What to do Before You Start Couples Counseling
When working with couples, I want to feel confident that the folks walk away finding practical help. Not only gaining insight and understanding into themselves, but also their “other”. My hope is to help them find the keys to unlocking intimacy and oneness in their most important relationships. Over the years, I have noticed some common themes amongst couples. The two that really stand out are alcohol consumption and neglecting time to check in with each other. Before you walk into our office at Married Life, I wanted to offer two suggestions that might save you some time, money, and energy.
Stop or cut back on your consumption of alcohol.
I can’t tell you how many stories I’ve heard couples retell of conflict, hurt, misunderstanding, embarrassment, anger, and frustration that involved a night out and a few cocktails. And it doesn’t matter the amount of alcohol one has consumed. The effects of alcohol consumption will vary for every individual, of course, but I want you to be aware that any amount consumed means you are now “under the influence” of a substance that alters your ability to make decisions and stay engaged with your partner. Alcohol is a depressant, breaks down our inhibitions, and decreases our rational thought.
There is a lot happening to your brain and body when you consume alcohol. Specifically to the prefrontal cortex and temporal lobes, the very parts of your brain that control anger suppression, planning ahead, processing consequences, rationally receiving information and feelings, and your ability to empathize. Alcohol will impair your memory and cause you to be less restrained. So while you might feel better and less stressed temporarily, it’s short lived as you try to engage with your significant other and find it surprisingly more difficult to do so.
Dry January Anyone?
What better time to cut back or eliminate alcohol than dry January?! Many folks cut out their favorite wines, cocktails and craft beers for the next 31 days to detox their bodies and feel better physically. Have you considered cutting out your favorite bevies for the sake of your marriage? I challenge you to give it a try and see if you don’t find yourself engaging in meaningful conversations with more clarity and understanding. For more insight on the benefits of Dry January, read What are the Benefits of Dry January and for some great mocktail ideas, check out A Guide to the Best Non-Alcoholic Beverages.
Weekly Relationship Check-In
The second suggestion I’d ask you to consider before calling us, is to meet with your spouse or significant other for a weekly check in. I’m often amazed at how we (can expect so much out of a relationship we give so little time and attention. Your relationship is like a living organism that needs to be fed daily, weekly, and consistently. Much like your car or your body, your relationship needs timely tune-ups or well checks. If you didn’t regularly water your house plant, would you be surprised to see it wilted and shriveling up? Could your body continue to work hard and function without daily food, water, and sleep? Would you be shocked when your car stopped running because the gas tank was empty? Why, then, do we think our most significant relationship can continue to function without regular care, assessment of needs and communication? Sure, we can have an occasional body ache or pain that if given time goes away.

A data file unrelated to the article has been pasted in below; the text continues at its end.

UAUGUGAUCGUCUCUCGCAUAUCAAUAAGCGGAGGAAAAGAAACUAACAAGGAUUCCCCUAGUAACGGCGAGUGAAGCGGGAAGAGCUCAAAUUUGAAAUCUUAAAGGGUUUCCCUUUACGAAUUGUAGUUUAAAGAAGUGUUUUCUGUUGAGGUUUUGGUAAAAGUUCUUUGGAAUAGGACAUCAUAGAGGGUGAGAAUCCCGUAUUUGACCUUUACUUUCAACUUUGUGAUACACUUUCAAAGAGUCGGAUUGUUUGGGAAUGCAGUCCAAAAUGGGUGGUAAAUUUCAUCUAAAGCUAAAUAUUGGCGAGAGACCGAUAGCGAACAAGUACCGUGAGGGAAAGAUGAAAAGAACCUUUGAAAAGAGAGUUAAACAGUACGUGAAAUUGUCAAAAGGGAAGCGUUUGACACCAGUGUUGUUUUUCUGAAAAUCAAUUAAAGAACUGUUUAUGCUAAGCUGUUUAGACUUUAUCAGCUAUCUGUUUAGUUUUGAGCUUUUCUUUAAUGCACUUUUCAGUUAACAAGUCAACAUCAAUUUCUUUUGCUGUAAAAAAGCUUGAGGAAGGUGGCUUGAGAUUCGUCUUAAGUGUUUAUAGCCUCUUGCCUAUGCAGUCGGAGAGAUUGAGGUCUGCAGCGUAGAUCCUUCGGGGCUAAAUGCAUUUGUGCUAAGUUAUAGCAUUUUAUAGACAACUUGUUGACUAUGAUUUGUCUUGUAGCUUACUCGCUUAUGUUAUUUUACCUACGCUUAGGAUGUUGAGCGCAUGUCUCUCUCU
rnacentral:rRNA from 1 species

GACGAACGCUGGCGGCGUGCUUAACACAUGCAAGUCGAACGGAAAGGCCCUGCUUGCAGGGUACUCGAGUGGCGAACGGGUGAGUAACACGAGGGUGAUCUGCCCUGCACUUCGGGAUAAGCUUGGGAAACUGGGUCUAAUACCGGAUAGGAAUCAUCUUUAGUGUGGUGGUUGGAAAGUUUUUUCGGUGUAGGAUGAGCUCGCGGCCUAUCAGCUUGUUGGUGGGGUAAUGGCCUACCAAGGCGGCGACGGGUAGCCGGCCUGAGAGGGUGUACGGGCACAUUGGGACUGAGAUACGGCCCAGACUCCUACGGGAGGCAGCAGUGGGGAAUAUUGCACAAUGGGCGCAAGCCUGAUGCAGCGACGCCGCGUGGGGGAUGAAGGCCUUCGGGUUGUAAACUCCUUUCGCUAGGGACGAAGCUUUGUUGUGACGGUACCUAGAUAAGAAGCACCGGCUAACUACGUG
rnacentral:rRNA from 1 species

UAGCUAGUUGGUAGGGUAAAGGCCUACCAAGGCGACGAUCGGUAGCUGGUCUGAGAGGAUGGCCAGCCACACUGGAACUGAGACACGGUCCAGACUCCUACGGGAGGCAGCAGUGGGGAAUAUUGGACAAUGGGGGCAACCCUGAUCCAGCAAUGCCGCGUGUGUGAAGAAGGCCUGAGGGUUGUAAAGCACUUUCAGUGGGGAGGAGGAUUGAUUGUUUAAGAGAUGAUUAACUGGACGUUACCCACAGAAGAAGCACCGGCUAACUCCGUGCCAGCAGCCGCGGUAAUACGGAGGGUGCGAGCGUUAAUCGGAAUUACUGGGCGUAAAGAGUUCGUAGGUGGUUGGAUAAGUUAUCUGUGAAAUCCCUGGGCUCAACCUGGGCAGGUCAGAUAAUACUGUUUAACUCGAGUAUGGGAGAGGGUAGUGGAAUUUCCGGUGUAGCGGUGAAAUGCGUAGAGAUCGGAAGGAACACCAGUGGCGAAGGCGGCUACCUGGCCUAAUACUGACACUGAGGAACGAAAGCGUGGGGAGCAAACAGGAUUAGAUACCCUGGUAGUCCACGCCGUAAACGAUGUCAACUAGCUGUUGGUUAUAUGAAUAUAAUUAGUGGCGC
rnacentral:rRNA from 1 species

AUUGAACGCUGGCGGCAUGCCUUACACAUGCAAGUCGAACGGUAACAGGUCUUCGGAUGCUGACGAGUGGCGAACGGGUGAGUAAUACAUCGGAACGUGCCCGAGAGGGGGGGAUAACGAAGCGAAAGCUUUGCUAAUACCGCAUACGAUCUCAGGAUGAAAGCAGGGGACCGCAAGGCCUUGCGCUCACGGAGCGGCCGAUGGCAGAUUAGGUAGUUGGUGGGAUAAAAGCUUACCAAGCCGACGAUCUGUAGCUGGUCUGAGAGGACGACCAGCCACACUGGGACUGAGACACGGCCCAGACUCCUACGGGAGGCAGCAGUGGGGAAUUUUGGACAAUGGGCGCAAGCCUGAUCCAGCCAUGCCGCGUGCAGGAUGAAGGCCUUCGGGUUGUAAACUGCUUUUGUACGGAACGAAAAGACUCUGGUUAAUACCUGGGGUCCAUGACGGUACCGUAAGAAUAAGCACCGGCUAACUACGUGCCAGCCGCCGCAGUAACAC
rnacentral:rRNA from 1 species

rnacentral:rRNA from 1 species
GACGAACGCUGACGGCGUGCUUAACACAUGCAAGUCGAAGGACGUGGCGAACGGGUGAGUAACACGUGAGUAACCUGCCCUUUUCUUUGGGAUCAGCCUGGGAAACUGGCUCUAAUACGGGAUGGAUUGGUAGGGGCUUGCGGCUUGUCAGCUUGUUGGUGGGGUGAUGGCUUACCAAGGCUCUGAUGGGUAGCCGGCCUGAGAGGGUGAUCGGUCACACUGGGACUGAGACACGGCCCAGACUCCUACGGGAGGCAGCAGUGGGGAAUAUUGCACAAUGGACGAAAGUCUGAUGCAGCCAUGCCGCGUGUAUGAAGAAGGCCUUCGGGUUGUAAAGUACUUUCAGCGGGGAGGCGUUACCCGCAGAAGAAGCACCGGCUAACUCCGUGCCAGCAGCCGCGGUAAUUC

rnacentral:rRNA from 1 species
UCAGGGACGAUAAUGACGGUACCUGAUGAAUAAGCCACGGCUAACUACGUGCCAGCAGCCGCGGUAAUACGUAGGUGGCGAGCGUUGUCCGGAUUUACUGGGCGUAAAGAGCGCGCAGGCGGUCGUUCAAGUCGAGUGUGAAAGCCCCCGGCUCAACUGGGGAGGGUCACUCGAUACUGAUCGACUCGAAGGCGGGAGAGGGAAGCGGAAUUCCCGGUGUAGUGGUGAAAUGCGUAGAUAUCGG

There are things in our relationships that we can let go of and understand “it’s not a big deal”. We also know that our bodies are communicating to us there is a problem when the pain persists and we’d better pay attention. When the red warning lights of my car pop up on the dashboard, I notice, pay attention, and call the mechanic. In the same way, we need to give our relationship attention when we see communication breaking down, fights flare up or things aren’t working as they should.
The State of Your Union
Do yourself and your marriage a favor by planning regular times to talk about the state of your union. Plan to go to a coffee shop or take a long walk together. Be prepared to listen to your partner, seek to understand their needs, and respond with empathy and compassion. And if the relationship doesn’t respond appropriately, give us a call. Perhaps you’ve ignored the “red lights” for too long. Or maybe the infection has spread and you need a professional to help assess and come alongside you both with a game plan to find healing and solutions. We’d be happy to join you on the journey to finding relational wellness again.
If your marriage is struggling or you’re having difficulty with your partner, contact us at Married Life Coaching & Counseling.